Insights into volcanic processes using seismic data techniques
The country of Kenya, lying within the East African Rift System (EARS), has been continuously studied for geothermal energy production. EARS, an active continental rift zone, has a number of active and inactive volcanoes throughout its extent that represent potential sources for geothermal energy. The University of Texas at El Paso and the Kenyan Geothermal Development Company (GDC) collaborated to monitor several volcanic centers by deploying 14 passive seismic instruments around Menengai caldera. The temporary seismic network is located close to Nakuru city and it is southeast from the main capital of Nairobi city. Using this local seismic network, we located 198 earthquake hypocenters, which help to identify the margin of the volcano and caldera and faults that could form conduits for fluid flow. In particular, we performed double-difference location and a b-value analysis to define the behavior of magma systems feeding the caldera. Focal mechanisms delineate a normal and low-angle thrust fault striking NE-SW of the caldera floor. We compare our seismicity to InSAR results from different timelines in order to better understand the volcanic process. We suggest that the seismicity is related to magma passing through conduits of the magma chamber and/or fluid being transported as a function of magma movement or hydrothermal activity.^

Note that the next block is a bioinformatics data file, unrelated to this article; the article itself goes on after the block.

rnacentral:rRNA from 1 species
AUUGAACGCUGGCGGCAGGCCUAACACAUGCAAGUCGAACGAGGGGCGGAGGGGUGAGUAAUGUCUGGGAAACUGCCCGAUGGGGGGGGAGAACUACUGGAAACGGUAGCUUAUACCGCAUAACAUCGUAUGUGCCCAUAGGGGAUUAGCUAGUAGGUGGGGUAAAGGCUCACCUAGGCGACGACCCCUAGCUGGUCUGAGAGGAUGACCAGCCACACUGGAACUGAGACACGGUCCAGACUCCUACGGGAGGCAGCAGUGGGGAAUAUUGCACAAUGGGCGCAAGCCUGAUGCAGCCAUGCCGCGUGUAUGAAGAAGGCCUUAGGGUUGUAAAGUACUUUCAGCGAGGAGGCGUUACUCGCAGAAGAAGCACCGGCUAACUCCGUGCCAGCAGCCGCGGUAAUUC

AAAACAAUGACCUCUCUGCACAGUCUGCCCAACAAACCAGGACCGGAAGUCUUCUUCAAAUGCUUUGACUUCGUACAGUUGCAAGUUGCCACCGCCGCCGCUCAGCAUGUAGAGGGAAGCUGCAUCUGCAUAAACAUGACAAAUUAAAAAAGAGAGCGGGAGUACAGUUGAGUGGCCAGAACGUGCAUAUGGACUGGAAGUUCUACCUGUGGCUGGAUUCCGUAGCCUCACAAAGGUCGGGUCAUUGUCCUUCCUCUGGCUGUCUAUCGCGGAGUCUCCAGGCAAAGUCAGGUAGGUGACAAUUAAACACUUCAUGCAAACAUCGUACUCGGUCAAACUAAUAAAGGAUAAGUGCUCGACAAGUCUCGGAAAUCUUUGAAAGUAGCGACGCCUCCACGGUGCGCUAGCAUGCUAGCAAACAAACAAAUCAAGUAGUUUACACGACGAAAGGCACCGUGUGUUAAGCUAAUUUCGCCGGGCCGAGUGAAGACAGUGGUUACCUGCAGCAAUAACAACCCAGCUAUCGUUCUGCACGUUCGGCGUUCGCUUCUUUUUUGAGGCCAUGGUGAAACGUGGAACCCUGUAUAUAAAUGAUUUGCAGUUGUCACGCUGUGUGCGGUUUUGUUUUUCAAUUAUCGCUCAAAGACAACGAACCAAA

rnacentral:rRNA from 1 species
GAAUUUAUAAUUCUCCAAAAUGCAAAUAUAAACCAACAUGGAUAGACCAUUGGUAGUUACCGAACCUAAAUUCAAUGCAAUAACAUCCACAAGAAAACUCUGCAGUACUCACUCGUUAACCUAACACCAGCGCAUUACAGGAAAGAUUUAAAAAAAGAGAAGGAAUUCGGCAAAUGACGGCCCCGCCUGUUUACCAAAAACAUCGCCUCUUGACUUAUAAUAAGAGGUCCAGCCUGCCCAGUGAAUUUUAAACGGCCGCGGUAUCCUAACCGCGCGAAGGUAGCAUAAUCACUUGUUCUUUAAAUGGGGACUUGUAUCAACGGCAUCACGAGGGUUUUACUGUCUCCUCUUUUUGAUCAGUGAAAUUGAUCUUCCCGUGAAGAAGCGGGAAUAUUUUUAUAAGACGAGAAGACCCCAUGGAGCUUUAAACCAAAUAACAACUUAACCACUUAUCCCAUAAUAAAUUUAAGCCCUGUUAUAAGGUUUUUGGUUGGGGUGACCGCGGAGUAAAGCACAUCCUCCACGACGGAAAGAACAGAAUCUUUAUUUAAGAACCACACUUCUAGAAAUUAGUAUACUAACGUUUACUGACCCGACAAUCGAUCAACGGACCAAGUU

Patlan Almeida, Ezer, "Insights into volcanic processes using seismic data techniques" (2016). ETD Collection for University of Texas, El Paso. AAI10151242.